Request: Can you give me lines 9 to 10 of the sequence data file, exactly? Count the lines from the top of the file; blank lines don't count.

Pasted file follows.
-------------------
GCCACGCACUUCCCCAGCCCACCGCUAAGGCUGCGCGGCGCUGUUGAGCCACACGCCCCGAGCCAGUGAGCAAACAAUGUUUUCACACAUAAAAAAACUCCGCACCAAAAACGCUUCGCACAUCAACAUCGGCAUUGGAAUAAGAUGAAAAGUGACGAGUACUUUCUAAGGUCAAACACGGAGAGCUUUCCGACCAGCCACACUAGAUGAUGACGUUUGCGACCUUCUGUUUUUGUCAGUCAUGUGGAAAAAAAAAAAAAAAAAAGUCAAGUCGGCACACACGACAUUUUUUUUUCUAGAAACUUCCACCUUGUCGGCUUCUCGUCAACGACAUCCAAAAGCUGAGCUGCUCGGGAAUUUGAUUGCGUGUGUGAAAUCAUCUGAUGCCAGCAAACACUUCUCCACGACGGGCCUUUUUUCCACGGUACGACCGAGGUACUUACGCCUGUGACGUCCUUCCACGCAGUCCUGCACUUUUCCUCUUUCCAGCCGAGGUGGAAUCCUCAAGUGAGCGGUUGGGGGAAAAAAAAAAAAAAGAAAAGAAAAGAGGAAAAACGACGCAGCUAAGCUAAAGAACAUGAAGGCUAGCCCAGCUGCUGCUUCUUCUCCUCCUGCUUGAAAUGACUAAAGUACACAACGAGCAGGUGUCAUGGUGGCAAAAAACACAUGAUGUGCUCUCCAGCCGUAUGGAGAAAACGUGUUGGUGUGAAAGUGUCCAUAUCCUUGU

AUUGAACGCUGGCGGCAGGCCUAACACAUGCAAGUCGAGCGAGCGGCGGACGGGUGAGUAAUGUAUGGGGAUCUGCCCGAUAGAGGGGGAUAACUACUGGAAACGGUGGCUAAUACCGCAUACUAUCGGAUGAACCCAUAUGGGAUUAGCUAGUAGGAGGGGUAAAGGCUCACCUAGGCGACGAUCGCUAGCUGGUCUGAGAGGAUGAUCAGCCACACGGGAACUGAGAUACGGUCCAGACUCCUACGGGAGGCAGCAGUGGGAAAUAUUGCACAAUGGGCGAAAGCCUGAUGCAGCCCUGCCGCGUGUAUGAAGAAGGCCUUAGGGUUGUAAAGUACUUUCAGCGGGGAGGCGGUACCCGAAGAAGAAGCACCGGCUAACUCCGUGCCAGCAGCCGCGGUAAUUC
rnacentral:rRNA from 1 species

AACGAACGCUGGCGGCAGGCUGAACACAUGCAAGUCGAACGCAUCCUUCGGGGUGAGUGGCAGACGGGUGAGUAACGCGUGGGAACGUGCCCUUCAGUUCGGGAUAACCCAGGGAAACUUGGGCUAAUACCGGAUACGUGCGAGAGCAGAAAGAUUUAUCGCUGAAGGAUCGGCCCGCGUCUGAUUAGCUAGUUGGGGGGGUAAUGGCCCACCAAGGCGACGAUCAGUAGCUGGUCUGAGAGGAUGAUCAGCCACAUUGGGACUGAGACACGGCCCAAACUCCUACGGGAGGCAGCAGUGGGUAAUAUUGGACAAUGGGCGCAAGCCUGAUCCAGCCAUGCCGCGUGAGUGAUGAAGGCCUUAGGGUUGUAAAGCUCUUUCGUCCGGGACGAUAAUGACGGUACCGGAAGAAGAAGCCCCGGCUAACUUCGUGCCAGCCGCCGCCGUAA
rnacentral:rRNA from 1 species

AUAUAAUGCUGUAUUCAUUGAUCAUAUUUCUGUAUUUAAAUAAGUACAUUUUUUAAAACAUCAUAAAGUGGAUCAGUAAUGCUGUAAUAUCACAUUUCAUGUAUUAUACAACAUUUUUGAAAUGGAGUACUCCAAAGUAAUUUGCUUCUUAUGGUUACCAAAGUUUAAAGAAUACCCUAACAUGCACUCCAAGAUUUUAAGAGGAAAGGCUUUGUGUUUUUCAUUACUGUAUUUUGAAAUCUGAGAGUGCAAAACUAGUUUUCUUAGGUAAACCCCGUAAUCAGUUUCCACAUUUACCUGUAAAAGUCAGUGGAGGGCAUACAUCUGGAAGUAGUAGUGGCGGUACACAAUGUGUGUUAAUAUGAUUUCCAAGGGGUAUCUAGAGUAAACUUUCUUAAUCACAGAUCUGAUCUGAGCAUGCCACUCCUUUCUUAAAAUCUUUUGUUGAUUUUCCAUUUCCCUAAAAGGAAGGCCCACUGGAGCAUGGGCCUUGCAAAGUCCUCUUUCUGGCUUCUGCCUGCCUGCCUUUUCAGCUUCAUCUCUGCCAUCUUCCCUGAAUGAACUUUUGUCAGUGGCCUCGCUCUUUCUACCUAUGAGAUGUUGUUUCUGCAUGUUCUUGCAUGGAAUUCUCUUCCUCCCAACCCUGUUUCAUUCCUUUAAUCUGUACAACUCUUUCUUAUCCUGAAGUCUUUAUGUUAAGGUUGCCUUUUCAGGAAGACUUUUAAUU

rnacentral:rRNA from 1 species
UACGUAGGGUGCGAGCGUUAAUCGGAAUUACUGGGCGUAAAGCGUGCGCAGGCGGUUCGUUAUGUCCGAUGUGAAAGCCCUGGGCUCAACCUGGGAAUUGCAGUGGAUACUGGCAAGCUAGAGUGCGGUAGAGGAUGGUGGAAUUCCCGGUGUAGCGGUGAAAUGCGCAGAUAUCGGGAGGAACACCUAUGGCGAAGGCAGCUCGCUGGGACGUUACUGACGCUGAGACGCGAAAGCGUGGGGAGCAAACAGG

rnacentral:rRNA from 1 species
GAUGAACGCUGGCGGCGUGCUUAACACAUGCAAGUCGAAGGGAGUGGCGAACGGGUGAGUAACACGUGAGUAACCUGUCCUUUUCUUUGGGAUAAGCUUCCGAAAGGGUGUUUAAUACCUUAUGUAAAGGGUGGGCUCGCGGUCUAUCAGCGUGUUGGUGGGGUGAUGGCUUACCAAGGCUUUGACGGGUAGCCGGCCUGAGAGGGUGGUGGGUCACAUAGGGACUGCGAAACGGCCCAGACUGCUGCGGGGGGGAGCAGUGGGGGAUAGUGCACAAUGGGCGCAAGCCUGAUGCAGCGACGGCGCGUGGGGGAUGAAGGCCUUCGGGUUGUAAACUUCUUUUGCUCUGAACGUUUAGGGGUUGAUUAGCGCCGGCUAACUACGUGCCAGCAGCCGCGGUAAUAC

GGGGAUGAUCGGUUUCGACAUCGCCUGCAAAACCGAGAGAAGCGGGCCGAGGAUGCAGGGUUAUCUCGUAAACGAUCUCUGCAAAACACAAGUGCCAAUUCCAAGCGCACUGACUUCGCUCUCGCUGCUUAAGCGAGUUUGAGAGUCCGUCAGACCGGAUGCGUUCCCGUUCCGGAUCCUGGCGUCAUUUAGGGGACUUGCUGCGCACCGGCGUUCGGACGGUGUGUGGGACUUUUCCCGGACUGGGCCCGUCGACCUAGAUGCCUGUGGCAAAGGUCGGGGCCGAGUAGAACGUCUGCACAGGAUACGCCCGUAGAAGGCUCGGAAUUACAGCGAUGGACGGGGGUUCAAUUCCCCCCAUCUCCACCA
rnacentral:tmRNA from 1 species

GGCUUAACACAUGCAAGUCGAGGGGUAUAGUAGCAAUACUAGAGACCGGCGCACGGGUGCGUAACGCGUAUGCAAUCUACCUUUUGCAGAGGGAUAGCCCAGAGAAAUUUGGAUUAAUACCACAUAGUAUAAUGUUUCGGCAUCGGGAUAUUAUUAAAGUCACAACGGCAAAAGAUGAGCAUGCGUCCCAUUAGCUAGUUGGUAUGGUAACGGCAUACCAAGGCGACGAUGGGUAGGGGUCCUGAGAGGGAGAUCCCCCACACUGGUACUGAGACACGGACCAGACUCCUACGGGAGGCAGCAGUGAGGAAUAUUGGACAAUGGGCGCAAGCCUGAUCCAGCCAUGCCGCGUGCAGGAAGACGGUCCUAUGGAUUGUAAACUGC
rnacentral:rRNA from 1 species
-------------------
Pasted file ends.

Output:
rnacentral:rRNA from 1 species
GAUGAACGCUGGCGGCGUGCUUAACACAUGCAAGUCGAAGGGAGUGGCGAACGGGUGAGUAACACGUGAGUAACCUGUCCUUUUCUUUGGGAUAAGCUUCCGAAAGGGUGUUUAAUACCUUAUGUAAAGGGUGGGCUCGCGGUCUAUCAGCGUGUUGGUGGGGUGAUGGCUUACCAAGGCUUUGACGGGUAGCCGGCCUGAGAGGGUGGUGGGUCACAUAGGGACUGCGAAACGGCCCAGACUGCUGCGGGGGGGAGCAGUGGGGGAUAGUGCACAAUGGGCGCAAGCCUGAUGCAGCGACGGCGCGUGGGGGAUGAAGGCCUUCGGGUUGUAAACUUCUUUUGCUCUGAACGUUUAGGGGUUGAUUAGCGCCGGCUAACUACGUGCCAGCAGCCGCGGUAAUAC